- Excellent size. 6-foot-6, 271 pounds is a pro-ready frame with plenty of room to add on. That's a big positive for a guy who's a later round prospect.
- Plays both lined out wide as a 5-technique DE and inside as a nose tackle or 3-technique. That positional versatility is a big plus.
- Demands quite a bit of attention from blockers. Was doubled teamed quite a bit in this game, and defeated them on run plays from time to time, mostly due to a good burst at the line and his grappling strength.
- Good awareness of where a quarterback's throwing lanes are. Works his way backward to grab an interception in this game, and has a good habit of getting his hands up and on the football - like on the interception that sealed the Rose Bowl win in 2013.
- Functionally strong. Pushes a guard straight back almost into the quarterback.
- No great (or even really good) pass rush moves. Just kind of bullrushes every time. He's strong enough to do that in college - and may have been coached to not get too fancy - but he needs some extra mustard to get past NFL linemen.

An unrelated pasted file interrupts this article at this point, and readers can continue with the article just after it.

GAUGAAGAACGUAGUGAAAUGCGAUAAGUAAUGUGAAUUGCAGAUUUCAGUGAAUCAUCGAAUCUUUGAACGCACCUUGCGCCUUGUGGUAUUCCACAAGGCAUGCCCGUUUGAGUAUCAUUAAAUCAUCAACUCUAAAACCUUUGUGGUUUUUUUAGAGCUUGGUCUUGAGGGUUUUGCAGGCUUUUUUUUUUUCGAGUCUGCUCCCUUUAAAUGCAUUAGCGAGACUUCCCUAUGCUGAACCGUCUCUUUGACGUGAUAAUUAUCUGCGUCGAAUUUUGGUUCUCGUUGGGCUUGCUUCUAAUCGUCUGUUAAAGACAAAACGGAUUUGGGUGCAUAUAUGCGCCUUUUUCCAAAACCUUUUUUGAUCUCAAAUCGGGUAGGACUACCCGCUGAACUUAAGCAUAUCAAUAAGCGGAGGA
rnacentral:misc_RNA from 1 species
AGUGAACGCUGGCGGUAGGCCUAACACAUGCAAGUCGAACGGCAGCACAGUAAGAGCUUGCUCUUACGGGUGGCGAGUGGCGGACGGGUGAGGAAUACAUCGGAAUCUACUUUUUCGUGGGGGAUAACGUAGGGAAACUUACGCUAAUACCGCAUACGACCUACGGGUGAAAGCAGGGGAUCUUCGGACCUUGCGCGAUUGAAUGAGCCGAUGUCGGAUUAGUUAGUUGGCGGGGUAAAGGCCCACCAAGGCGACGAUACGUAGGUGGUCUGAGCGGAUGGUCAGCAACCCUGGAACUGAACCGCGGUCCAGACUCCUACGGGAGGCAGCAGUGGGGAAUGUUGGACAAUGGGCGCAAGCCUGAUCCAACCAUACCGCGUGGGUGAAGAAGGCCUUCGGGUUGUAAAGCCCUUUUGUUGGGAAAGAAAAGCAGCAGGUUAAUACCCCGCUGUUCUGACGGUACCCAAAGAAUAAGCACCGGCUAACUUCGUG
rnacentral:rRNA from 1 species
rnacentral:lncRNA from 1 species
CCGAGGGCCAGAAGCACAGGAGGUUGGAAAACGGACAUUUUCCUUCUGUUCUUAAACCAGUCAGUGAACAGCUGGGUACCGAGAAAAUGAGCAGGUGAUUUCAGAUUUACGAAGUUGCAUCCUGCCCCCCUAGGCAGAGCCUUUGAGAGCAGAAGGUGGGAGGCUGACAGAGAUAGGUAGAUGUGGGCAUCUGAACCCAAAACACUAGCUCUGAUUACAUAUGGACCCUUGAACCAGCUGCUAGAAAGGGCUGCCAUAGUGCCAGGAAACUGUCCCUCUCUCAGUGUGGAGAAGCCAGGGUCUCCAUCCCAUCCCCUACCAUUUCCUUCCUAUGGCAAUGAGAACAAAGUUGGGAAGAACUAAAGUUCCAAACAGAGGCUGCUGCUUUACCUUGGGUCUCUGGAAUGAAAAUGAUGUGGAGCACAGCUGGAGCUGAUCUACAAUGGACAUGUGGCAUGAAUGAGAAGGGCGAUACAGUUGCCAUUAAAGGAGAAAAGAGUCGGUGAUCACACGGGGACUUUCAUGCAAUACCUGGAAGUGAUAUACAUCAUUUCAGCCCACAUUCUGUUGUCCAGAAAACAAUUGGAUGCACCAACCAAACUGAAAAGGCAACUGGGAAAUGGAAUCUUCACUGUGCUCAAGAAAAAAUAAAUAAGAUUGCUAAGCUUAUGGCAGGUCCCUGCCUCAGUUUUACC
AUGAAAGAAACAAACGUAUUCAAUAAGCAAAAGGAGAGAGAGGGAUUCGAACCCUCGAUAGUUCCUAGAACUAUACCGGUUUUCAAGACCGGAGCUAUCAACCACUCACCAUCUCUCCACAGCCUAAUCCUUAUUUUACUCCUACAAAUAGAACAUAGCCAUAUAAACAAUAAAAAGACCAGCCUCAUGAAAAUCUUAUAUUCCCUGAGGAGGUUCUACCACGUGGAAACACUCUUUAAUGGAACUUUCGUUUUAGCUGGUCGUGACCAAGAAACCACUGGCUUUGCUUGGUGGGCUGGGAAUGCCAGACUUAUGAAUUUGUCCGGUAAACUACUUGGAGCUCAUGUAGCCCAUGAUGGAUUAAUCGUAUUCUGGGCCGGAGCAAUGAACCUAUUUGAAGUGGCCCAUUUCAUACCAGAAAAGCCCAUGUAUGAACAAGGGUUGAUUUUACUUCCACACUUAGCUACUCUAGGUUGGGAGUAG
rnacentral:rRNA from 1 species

- His hands are active, but they don't really do anything. He kinds of swats at offensive linemen without really engaging with them and throwing those fools aside like he's capable of.
- Runs an inside twist stunt pretty poorly at one point. Runs it again twice later in the game and does fine, though.
- Isn't particularly fleet footed. But he is a huge dude, so that's understandable.
Mauro should be a great value pick to help bolster a defensive line, as he's a nice prospect to be a backside down defensive end in a 3-4 system - think Jared Crick from Nebraska, who was a 4th round pick by the Texans. Mauro needs to be coached to use his hands more in order to make the most of his talent, but he's a nice diamond in the rough for a defensive coach looking to get some good value later in the draft. As he gets stronger and more adapted to the professional game, I've got the feeling some d-line coach out there is going to love Josh Mauro this fall.